COVID-19 Vaccine Acceptance and Hesitancy in Low and Middle Income Countries, and Implications for Messaging
Julio S Solis Arce,
Shana S Warren,
Niccolo F Meriggi,
Amyn A Malik,
Martina B Nyqvist,
Constantin Manuel Bosancianu,
Madison E Levine,
Jacob N Shapiro,
Saad B Omer,
Ahmed M Mobarak
Posted 13 Mar 2021
medRxiv DOI: 10.1101/2021.03.11.21253419
Posted 13 Mar 2021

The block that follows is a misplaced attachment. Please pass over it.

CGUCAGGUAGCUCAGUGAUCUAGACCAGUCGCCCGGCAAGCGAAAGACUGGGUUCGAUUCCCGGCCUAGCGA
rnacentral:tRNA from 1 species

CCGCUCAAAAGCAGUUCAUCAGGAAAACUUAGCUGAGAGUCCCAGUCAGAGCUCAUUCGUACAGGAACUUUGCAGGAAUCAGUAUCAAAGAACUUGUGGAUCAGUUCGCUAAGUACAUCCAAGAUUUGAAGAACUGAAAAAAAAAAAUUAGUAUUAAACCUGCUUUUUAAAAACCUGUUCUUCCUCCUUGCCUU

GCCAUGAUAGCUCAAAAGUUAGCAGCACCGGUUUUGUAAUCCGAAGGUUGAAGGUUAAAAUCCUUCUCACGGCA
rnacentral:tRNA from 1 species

We analyze COVID-19 vaccine acceptance across 15 survey samples covering ten low- and middle income countries (LMICs) in Asia, Africa, and South America, Russia (an upper-middle-income country), and the United States, using survey responses from 44,260 individuals. We find considerably higher willingness to take a COVID-19 vaccine in LMIC samples (80% on average) compared to the United States (65%) and Russia (30%). Vaccine acceptance was primarily explained by an interest in personal protection against COVID-19, while concern about side effects was the most commonly expressed reason for reluctance. Health workers were the most trusted sources of information about COVID-19 vaccines. Our findings suggest that prioritizing vaccine distribution to LMICs should yield high returns in promoting global immunization coverage, and that vaccination campaigns in these countries should focus on translating acceptance into uptake. Messaging highlighting vaccine efficacy and safety, delivered by healthcare workers, may be most effective in addressing remaining hesitancy.
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